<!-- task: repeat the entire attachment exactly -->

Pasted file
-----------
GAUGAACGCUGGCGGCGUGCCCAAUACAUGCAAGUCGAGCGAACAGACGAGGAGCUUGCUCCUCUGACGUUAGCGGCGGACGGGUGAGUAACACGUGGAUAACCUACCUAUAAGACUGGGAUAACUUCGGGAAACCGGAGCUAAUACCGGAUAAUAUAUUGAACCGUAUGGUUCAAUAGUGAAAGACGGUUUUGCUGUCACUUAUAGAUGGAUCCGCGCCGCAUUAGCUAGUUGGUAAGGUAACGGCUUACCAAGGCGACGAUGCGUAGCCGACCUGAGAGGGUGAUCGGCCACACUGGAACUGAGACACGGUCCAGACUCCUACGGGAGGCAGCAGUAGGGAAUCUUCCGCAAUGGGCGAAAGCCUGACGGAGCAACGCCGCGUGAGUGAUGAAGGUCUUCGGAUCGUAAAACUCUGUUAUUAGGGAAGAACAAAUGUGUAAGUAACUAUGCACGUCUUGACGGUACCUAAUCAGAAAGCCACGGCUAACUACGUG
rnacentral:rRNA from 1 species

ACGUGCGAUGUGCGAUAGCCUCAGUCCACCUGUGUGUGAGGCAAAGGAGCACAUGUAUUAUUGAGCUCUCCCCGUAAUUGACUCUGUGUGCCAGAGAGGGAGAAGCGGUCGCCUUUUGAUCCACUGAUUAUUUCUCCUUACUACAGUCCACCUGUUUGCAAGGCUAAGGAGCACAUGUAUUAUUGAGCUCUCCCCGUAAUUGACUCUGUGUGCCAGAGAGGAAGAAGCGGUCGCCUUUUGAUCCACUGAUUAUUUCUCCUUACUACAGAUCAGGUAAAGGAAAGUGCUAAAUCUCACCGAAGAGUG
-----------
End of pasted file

GAUGAACGCUGGCGGCGUGCCCAAUACAUGCAAGUCGAGCGAACAGACGAGGAGCUUGCUCCUCUGACGUUAGCGGCGGACGGGUGAGUAACACGUGGAUAACCUACCUAUAAGACUGGGAUAACUUCGGGAAACCGGAGCUAAUACCGGAUAAUAUAUUGAACCGUAUGGUUCAAUAGUGAAAGACGGUUUUGCUGUCACUUAUAGAUGGAUCCGCGCCGCAUUAGCUAGUUGGUAAGGUAACGGCUUACCAAGGCGACGAUGCGUAGCCGACCUGAGAGGGUGAUCGGCCACACUGGAACUGAGACACGGUCCAGACUCCUACGGGAGGCAGCAGUAGGGAAUCUUCCGCAAUGGGCGAAAGCCUGACGGAGCAACGCCGCGUGAGUGAUGAAGGUCUUCGGAUCGUAAAACUCUGUUAUUAGGGAAGAACAAAUGUGUAAGUAACUAUGCACGUCUUGACGGUACCUAAUCAGAAAGCCACGGCUAACUACGUG
rnacentral:rRNA from 1 species

ACGUGCGAUGUGCGAUAGCCUCAGUCCACCUGUGUGUGAGGCAAAGGAGCACAUGUAUUAUUGAGCUCUCCCCGUAAUUGACUCUGUGUGCCAGAGAGGGAGAAGCGGUCGCCUUUUGAUCCACUGAUUAUUUCUCCUUACUACAGUCCACCUGUUUGCAAGGCUAAGGAGCACAUGUAUUAUUGAGCUCUCCCCGUAAUUGACUCUGUGUGCCAGAGAGGAAGAAGCGGUCGCCUUUUGAUCCACUGAUUAUUUCUCCUUACUACAGAUCAGGUAAAGGAAAGUGCUAAAUCUCACCGAAGAGUG